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We interrupt our regularly scheduled Project Dessert to bring you the next in our "Meet Our Contributors" series—Food52's version of show and tell. We're asking some of the voices behind your favorite columns to share a recipe that represents them (and explain why).
Tell us about this recipe—what about it makes it you?
Between writing my book and blog and my general love for fruit in buttery crust, I have made so many fruit pies over the last couple of years that they have become my favorite thing to bake (just see my Instagram). The first time I made a blackberry rhubarb dessert was during my annual summertime visit to see my family in Seattle a few years ago. It was the August after my brother’s twin daughters were born, and his family had just moved into a new house. It was wild blackberry season in the Pacific Northwest, and my dad and I had picked blackberries from his favorite secret spot earlier that day so we had a pile of freshly picked blackberries sitting on the counter just waiting to be used. My parents’ rhubarb plant had a few last stalks that were looking wilty from the heat, so I picked those too, then combined them with the blackberries and made a crisp covered with buttery streusel.
We took the crisp to my brother’s new house, then after the babies were in bed, we ate bowls of it warm, topped with Earl Grey Ice Cream from Molly Moon’s. The combination was perfectly buttery, sweet, and tart, with little crunchy bursts of seeds from the blackberries and soft silky pieces of rhubarb.
To me, this recipe feels like my favorite place (Seattle in the summertime), family, and the place where I am most at ease: in the kitchen.
What is your desert island food (practicalities aside)?
Bread and cheese. Maybe some super-chilled white wine too. I mean, I am probably going to get thirsty on this island, right?
What is your vegetable spirit animal?
Oh, I don’t know, I am the worst at questions like these. Something that is maybe a little prickly and unassuming at first, and requires a little coaxing and care to appreciate, but once you do, you get to the good stuff. Maybe an artichoke? Yes, I’ll go with an artichoke.
What's one food you pretend to like but secretly hate?
Sorry East Coast, but I think lobster is pretty overrated. Seriously, give me some Dungeness crab and a vat of melted butter over lobster any day.
What is your greatest/most exciting culinary failure?
I’m lucky to have never really royally failed in the kitchen. I am not immune from making a crappy dinner or over-cooking eggs, but I don’t have any “Oh sh*t, I just dropped the birthday cake” kind of moments that I can recall. One time, I did have an ambitious dinner party in my former studio apartment that ended with a bathtub full of dishes and spaghetti, which was less than pleasant to wake up to the next day.
More: Watch Yossy make her Blackberry Rhubarb Pie.
Makes one 9-inch pie
For the crust:
1 1/3 cups rye flour
1 1/3 cups all-purpose flour
1 teaspoon salt
1 cup unsalted butter, cold and cut into cubes
6 to 8 tablespoons ice water
1 teaspoon apple cider vinegar
For the filling:
3/4 cup sugar
Zest and juice of 1/2 lemon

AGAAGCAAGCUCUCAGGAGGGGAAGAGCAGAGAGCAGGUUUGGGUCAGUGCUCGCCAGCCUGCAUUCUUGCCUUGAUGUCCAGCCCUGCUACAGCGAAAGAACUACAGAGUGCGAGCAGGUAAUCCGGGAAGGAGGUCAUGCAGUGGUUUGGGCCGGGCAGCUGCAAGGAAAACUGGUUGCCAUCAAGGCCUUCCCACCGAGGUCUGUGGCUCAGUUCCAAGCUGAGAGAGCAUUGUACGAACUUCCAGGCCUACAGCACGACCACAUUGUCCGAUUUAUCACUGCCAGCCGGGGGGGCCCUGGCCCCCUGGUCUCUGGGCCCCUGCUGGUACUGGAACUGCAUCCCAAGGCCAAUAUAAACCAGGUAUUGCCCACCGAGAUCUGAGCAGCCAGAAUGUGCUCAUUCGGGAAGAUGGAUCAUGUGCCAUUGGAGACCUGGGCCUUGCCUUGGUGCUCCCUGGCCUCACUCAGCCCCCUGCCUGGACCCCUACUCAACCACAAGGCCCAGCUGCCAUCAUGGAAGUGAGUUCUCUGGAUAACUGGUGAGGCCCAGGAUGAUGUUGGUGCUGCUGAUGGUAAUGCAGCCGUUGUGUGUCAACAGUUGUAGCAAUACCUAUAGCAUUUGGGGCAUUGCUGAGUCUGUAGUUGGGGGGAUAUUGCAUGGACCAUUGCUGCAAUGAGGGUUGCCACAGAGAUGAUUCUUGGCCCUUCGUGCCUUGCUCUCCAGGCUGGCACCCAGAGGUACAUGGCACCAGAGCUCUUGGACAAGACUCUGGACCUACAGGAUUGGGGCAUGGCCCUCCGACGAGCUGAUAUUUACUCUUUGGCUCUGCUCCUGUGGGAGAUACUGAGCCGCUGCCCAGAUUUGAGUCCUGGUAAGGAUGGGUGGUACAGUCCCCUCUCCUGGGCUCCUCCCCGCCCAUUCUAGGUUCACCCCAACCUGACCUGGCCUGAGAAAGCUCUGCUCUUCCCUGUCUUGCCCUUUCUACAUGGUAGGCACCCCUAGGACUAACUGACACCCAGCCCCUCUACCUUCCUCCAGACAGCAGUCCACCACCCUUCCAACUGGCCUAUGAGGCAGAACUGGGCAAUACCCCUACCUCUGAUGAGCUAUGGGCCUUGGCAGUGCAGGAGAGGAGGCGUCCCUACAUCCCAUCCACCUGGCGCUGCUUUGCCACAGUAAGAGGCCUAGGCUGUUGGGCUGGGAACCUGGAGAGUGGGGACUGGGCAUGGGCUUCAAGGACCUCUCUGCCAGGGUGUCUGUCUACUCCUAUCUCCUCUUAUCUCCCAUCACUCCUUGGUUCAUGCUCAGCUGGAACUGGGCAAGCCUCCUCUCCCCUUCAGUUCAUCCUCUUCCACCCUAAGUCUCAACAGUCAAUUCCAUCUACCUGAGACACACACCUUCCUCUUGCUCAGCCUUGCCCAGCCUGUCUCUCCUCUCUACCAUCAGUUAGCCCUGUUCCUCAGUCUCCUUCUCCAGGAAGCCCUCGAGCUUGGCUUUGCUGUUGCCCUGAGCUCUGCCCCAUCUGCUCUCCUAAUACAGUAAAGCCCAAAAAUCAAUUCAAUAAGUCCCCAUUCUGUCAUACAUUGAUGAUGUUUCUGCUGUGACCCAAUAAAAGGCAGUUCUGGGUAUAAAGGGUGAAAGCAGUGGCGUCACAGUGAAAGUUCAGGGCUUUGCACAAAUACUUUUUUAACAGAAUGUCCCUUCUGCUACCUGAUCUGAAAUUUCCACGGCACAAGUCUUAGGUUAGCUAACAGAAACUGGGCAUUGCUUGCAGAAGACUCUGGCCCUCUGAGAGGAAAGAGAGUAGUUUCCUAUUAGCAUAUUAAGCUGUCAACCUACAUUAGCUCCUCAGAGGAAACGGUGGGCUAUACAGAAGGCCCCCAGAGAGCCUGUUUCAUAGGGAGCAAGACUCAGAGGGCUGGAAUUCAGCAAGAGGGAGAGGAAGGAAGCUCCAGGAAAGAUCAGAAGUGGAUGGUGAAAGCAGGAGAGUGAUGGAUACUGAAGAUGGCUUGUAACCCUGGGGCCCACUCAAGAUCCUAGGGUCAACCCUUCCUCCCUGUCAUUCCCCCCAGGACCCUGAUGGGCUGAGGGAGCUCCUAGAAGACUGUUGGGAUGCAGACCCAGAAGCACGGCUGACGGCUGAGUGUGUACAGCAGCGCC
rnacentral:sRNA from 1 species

1 vanilla bean, seeds scraped from the pod
1/4 cup all-purpose flour
1/2 teaspoon cinnamon
1/4 teaspoon salt
1 pound rhubarb stalks
1 1/2 pounds blackberries
1 egg, lightly beaten for egg wash
1 tablespoon turbinado sugar
To make the crust, combine the flours and salt in a bowl. Use your fingers or a pastry cutter to cut in half of the butter until it is the size of peas, then cut in the other half until it is the size lima beans. Some of the butter will be completely worked into the flour, but you should have lots of visible pieces of butter in the dough, too.
Combine the water and apple cider vinegar in a measuring cup. Make a well in the flour/butter mixture and slowly stream about 6 tablespoons of the water-vinegar into the dough while mixing gently. If the dough seems very dry, add more water a couple of teaspoons at a time. You have added enough water when you can pick up a handful of the dough and squeeze it together easily without it falling apart. Press the dough together, then split it in half, form into disks, and wrap each disk in plastic wrap. Chill the dough for at least one hour before using, or preferably overnight.
When you're ready to make the filling and assemble the pie, preheat the oven to 400º F. In a large bowl, combine the sugar, lemon zest, and vanilla bean seeds. Use your fingers to rub the zest and seeds into the sugar, until well combined and fragrant. Stir in the flour, cinnamon, and salt.
Cut the rhubarb into 1-inch pieces and add it to the bowl. Add the blackberries and lemon juice, but don't stir quite yet.
On a lightly floured surface, roll out one piece of the dough into a roughly 12-inch circle about 1/8-inch thick and place it into a 9-inch pie pan. Place in the fridge while you prepare the rest of the pie. Roll out the other piece of dough into a roughly 12-inch circle, about 1/8-inch thick, and place it on a parchment-lined baking sheet. Chill that too.
Stir the filling ingredients together, then fill the pie shell and top with the second crust.
Trim the edges so they are even, then crimp them together. Alternately, cut the second crust into 1 1/2- to 2-inch strips and weave a lattice top.
Slide the whole pie into the fridge or freezer for about 15 minutes, or until the crust is very firm. When you are ready to bake, carefully and gently brush the top of the pie with a beaten egg and sprinkle with a healthy dose of coarse sugar.
Put the pie on a baking sheet to catch any drips and bake for 45 to 55 minutes, or until the crust is a deep golden brown and the juices bubble. Cool it before slicing and serving.
Photos by Yossy Arefi and video by Pete Lockhart.